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If you are thinking of turning your hobby or expertise into something marketable or are one of the 3.5 million Canadians who already have a side hustle, make a cup of tea, find a cozy spot and read on. As we closed off another calendar year it is a good idea to pause, look at your sales records and make sure you are meeting your tax obligations as a small business — which is what you are if you’ve been selling goods or services.
The Canadian tax regime can be complex, but taxes essentially fall into two categories: income tax and sales tax. Provincial sales tax (PST), also called retail sales tax (RST), as the name suggests, is the provincially regulated sales tax as opposed to the federally regulated goods and sales tax / harmonized sales tax (GST / HST).
This blog specifically addresses Manitoba’s seven-percent RST.
Getting the Tax Lingo Right
Let’s start with some basic sales tax-specific terminology. You are the “vendor” and your customer is the “purchaser.” The purchaser pays sales tax and the vendor merely remits, or forwards, that tax to the government. Once registered for RST, the vendor is called a “registrant.” The good or service is called the “supply.”
Sales tax obligations would exist even if your business isn’t formal (e.g. haven’t registered a business name, didn’t incorporate, do not have a written partnership agreement, etc.).
The reality is all taxable sales, including cash sales, are subject to sales tax.
Once you are a registrant, you must still file a return every period even if you don’t have any taxable sales (a nil return).
Ultimately, the person who is consuming and using the supply pays the PST/RST. However, the transactions leading up to that sale are exempt. For example, the person buying an appliance will pay the PST, but the retailer, wholesaler and manufacturer won’t when they build or sell it.
Taxable vs Exempt Supplies
There are two categories of supplies: taxable and exempt. Most goods (and some services) in Manitoba are taxable. But others aren’t and that can lead to some costly confusion.
For example, the contractor fixing the stairs up to your front door supplies a service but it’s not subject to tax in the province. However, the photographer’s fee for your wedding pictures is taxable.
Meanwhile, things like car seats, food and fishing nets are goods but exempt from the provincial tax. For more details, Manitoba Finance has a summary of some taxable and exempt goods and services located on their website
Manitoba RST Rules
The province where you reside is the jurisdiction where you are most likely required to remit tax. The following laws apply to those living in Manitoba:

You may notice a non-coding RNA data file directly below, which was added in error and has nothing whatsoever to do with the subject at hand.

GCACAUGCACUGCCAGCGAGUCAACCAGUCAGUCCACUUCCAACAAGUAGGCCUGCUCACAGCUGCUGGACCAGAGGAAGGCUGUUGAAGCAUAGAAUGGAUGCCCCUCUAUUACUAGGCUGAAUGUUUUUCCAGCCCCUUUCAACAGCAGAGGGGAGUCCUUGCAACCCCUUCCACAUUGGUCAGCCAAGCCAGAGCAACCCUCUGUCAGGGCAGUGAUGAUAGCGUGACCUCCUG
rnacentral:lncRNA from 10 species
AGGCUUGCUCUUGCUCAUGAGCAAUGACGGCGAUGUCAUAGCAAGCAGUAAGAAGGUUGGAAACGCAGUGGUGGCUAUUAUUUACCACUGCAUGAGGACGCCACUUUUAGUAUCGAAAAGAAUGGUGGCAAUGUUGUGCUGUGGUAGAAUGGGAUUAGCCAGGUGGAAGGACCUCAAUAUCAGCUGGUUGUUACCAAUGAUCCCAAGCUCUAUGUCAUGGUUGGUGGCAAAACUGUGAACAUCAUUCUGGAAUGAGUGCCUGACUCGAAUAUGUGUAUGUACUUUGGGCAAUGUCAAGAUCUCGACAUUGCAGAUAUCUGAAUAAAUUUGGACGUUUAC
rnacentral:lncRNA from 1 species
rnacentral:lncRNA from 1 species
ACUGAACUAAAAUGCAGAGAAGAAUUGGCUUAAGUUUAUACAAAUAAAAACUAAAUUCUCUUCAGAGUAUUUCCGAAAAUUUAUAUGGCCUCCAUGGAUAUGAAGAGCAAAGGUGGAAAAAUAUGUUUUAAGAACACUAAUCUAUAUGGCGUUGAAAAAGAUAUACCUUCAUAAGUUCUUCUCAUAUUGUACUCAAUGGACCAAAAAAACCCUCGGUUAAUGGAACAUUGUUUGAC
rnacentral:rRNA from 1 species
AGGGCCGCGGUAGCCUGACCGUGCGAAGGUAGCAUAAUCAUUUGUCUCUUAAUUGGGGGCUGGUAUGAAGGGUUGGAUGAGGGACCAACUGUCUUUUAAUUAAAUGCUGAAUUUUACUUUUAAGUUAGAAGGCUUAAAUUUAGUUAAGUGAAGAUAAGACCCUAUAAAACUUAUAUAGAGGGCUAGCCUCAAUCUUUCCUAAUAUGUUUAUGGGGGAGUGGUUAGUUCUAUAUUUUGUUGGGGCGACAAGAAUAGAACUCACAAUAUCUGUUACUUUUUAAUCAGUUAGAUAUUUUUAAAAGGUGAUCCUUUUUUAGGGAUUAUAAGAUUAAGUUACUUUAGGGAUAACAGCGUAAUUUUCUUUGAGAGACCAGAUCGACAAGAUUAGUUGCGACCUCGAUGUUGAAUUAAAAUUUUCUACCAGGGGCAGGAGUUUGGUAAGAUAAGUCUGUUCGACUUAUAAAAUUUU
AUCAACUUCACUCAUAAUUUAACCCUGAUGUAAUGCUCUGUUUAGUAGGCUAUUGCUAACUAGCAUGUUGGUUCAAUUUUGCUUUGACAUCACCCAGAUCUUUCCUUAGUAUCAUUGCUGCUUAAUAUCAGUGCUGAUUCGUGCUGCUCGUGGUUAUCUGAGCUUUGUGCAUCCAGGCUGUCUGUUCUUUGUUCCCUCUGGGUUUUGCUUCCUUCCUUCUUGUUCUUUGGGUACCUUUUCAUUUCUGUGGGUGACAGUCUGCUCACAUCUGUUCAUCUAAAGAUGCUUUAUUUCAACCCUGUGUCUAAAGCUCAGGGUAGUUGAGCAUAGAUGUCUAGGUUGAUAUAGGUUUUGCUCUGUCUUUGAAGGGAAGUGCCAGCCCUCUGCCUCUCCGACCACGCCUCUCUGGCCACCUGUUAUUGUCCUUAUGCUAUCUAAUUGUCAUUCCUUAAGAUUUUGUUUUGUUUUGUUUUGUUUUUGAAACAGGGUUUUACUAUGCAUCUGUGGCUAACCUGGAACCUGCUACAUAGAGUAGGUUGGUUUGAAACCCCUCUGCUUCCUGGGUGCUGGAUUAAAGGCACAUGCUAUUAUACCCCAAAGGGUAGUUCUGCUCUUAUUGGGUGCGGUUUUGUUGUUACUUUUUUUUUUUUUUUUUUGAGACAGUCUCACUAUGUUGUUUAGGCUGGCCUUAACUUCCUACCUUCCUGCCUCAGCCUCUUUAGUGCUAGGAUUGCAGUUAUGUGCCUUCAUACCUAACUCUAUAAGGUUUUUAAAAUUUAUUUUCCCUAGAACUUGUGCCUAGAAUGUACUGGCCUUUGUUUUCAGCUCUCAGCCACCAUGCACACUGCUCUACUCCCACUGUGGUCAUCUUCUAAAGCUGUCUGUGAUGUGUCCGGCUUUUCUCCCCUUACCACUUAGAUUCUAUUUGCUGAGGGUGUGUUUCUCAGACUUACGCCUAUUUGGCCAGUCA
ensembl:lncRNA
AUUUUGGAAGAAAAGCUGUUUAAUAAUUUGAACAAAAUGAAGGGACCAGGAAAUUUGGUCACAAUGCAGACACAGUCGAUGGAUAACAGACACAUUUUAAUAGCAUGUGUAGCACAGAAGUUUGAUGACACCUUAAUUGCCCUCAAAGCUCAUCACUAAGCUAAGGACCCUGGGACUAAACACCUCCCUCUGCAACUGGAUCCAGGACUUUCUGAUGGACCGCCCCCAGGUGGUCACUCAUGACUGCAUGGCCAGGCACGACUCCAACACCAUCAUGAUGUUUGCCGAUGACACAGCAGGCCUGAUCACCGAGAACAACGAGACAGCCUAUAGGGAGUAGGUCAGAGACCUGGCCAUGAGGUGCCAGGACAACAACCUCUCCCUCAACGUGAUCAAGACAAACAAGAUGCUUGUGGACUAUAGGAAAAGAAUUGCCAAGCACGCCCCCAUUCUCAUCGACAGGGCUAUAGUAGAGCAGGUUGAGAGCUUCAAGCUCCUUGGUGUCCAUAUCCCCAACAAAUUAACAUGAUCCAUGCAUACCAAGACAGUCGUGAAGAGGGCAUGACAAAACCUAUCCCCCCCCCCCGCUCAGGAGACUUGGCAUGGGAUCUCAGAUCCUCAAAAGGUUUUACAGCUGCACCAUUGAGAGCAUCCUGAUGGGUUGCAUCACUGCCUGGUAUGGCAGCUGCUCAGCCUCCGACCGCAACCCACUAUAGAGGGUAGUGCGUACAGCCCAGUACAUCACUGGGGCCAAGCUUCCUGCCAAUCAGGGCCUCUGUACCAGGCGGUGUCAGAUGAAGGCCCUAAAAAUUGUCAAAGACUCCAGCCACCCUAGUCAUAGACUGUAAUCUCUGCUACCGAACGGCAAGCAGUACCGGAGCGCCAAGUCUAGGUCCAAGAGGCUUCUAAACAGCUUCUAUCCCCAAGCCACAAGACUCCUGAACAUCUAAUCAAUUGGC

Non-resident Businesses and Online Sales Platforms
If you are engaging in online sales out of province, you need to be compliant with tax rules in the other Canadian jurisdictions that have a provincial sales tax — B.C., Saskatchewan and Quebec. Likewise, Canadian businesses outside Manitoba should understand the basics of the Manitoba RST.
As an oversimplification, if a business keeps inventory in Manitoba (for example, through an Amazon fulfillment centre) they must collect RST from their Manitoba customers if they exceed the $10,000 provincial small business exemption. Also, if a business ‘solicits for sales’ in Manitoba in addition to shipping products to Manitoba customers, they, too, must collect provincial RST from their Manitoba customers.
Many platforms for online shopping (e.g. Shopify, Etsy) allow the seller to add sales taxes. Once you have exceeded the small supplier exemption, you must set up your online store to charge customers the appropriate sales tax. Doing so will save you collecting the information manually later and help keep your business compliant.
Remit Now or Pay Later
As with any tax, you face penalties and interest for remitting the RST late. In Manitoba, late remitters face a penalty of 10 percent of the tax due (minimum $10), plus interest (subject to change), currently 9.95 percent.
And if you aren’t registered yet, you might want to and take advantage of certain benefits. For example, an RST registrant in Manitoba can purchase goods or services for resale exempt from RST by providing their RST number to the supplier.
Henry got serious about his photography hobby in 2018, started to advertise and soon began photographing weddings and pet portraits, primarily in Manitoba. He also shot one event in Alberta in June 2018.
Henry’s monthly sales rose steadily and reached $10,000 in Manitoba sales in October 2018; however, he didn’t think of applying a sales tax until November 2019. Oh-oh. Henry should have registered and begun collecting RST from purchasers starting in October 2018 on the Manitoba sale that caused him to exceed the threshold (the Alberta sales weren’t considered in determining the $10,000 small business exemption).
To be compliant, Henry needs to register for Manitoba RST, file returns going back to October 2018 and remit the RST. He will be assessed interest and penalties on this amount. Henry could go back to his customers and request they pay RST, however, he is likely on the hook for those amounts.
As you can see, provincial sales tax is something that should optimally be tallied once a month and not left for tax time in March. If you exceeded the small supplier exemption earlier in the year or even in a prior year, you need to register with the Manitoba Ministry of Finance, begin collecting RST on sales and remit that RST to the government.
If you are just starting out, keep this information in mind and register for RST as soon as required and avoid penalties or interest.
For more information, contact Jeff Harrison at
[email protected] or 306.790.7900.
Related Topics:Indirect Tax; Small Business
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